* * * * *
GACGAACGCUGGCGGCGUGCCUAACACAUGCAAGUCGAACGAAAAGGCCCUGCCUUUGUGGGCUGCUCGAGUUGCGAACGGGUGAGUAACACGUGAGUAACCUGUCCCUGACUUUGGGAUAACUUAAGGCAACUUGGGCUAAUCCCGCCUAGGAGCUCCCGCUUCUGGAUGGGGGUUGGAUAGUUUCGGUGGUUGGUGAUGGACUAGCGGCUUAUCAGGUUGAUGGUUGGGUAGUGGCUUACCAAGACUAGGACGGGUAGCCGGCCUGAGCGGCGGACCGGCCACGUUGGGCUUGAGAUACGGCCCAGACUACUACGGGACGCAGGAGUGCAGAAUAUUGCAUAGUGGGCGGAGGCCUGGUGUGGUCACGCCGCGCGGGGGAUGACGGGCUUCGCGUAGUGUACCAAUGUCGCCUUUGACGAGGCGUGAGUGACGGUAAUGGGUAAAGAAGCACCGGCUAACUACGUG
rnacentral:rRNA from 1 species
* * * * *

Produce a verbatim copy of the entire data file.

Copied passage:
GACGAACGCUGGCGGCGUGCCUAACACAUGCAAGUCGAACGAAAAGGCCCUGCCUUUGUGGGCUGCUCGAGUUGCGAACGGGUGAGUAACACGUGAGUAACCUGUCCCUGACUUUGGGAUAACUUAAGGCAACUUGGGCUAAUCCCGCCUAGGAGCUCCCGCUUCUGGAUGGGGGUUGGAUAGUUUCGGUGGUUGGUGAUGGACUAGCGGCUUAUCAGGUUGAUGGUUGGGUAGUGGCUUACCAAGACUAGGACGGGUAGCCGGCCUGAGCGGCGGACCGGCCACGUUGGGCUUGAGAUACGGCCCAGACUACUACGGGACGCAGGAGUGCAGAAUAUUGCAUAGUGGGCGGAGGCCUGGUGUGGUCACGCCGCGCGGGGGAUGACGGGCUUCGCGUAGUGUACCAAUGUCGCCUUUGACGAGGCGUGAGUGACGGUAAUGGGUAAAGAAGCACCGGCUAACUACGUG
rnacentral:rRNA from 1 species